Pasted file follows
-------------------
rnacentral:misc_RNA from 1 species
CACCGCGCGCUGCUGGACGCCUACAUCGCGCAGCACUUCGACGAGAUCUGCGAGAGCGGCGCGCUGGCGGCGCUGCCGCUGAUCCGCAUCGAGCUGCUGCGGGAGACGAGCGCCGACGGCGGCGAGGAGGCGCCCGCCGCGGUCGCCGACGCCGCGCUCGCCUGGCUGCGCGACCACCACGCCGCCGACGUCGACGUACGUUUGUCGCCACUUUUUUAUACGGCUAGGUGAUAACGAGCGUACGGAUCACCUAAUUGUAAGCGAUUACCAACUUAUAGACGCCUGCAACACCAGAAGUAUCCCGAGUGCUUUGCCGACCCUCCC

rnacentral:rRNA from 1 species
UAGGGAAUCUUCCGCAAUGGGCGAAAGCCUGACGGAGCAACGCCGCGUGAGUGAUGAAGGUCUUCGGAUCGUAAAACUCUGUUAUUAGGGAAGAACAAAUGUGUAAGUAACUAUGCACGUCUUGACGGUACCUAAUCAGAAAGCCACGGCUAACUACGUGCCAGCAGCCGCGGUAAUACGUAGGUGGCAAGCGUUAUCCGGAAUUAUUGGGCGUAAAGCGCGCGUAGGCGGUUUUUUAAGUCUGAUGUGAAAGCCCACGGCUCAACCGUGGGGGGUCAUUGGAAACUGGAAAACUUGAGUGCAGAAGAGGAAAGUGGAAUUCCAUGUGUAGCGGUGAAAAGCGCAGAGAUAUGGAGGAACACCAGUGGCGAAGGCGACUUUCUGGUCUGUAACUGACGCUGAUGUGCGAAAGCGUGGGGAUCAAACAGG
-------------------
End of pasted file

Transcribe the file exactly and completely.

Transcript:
rnacentral:misc_RNA from 1 species
CACCGCGCGCUGCUGGACGCCUACAUCGCGCAGCACUUCGACGAGAUCUGCGAGAGCGGCGCGCUGGCGGCGCUGCCGCUGAUCCGCAUCGAGCUGCUGCGGGAGACGAGCGCCGACGGCGGCGAGGAGGCGCCCGCCGCGGUCGCCGACGCCGCGCUCGCCUGGCUGCGCGACCACCACGCCGCCGACGUCGACGUACGUUUGUCGCCACUUUUUUAUACGGCUAGGUGAUAACGAGCGUACGGAUCACCUAAUUGUAAGCGAUUACCAACUUAUAGACGCCUGCAACACCAGAAGUAUCCCGAGUGCUUUGCCGACCCUCCC

rnacentral:rRNA from 1 species
UAGGGAAUCUUCCGCAAUGGGCGAAAGCCUGACGGAGCAACGCCGCGUGAGUGAUGAAGGUCUUCGGAUCGUAAAACUCUGUUAUUAGGGAAGAACAAAUGUGUAAGUAACUAUGCACGUCUUGACGGUACCUAAUCAGAAAGCCACGGCUAACUACGUGCCAGCAGCCGCGGUAAUACGUAGGUGGCAAGCGUUAUCCGGAAUUAUUGGGCGUAAAGCGCGCGUAGGCGGUUUUUUAAGUCUGAUGUGAAAGCCCACGGCUCAACCGUGGGGGGUCAUUGGAAACUGGAAAACUUGAGUGCAGAAGAGGAAAGUGGAAUUCCAUGUGUAGCGGUGAAAAGCGCAGAGAUAUGGAGGAACACCAGUGGCGAAGGCGACUUUCUGGUCUGUAACUGACGCUGAUGUGCGAAAGCGUGGGGAUCAAACAGG